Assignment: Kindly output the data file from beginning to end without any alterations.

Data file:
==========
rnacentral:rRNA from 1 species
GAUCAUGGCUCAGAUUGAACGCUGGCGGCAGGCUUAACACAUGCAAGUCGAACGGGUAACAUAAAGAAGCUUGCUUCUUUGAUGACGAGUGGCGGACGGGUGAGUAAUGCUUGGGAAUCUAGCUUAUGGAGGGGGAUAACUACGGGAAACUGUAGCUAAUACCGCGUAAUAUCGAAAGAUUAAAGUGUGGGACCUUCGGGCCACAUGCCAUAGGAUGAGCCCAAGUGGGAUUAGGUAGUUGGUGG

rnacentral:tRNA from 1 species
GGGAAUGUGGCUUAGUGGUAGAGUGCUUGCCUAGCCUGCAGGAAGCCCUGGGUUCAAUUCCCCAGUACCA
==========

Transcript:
rnacentral:rRNA from 1 species
GAUCAUGGCUCAGAUUGAACGCUGGCGGCAGGCUUAACACAUGCAAGUCGAACGGGUAACAUAAAGAAGCUUGCUUCUUUGAUGACGAGUGGCGGACGGGUGAGUAAUGCUUGGGAAUCUAGCUUAUGGAGGGGGAUAACUACGGGAAACUGUAGCUAAUACCGCGUAAUAUCGAAAGAUUAAAGUGUGGGACCUUCGGGCCACAUGCCAUAGGAUGAGCCCAAGUGGGAUUAGGUAGUUGGUGG

rnacentral:tRNA from 1 species
GGGAAUGUGGCUUAGUGGUAGAGUGCUUGCCUAGCCUGCAGGAAGCCCUGGGUUCAAUUCCCCAGUACCA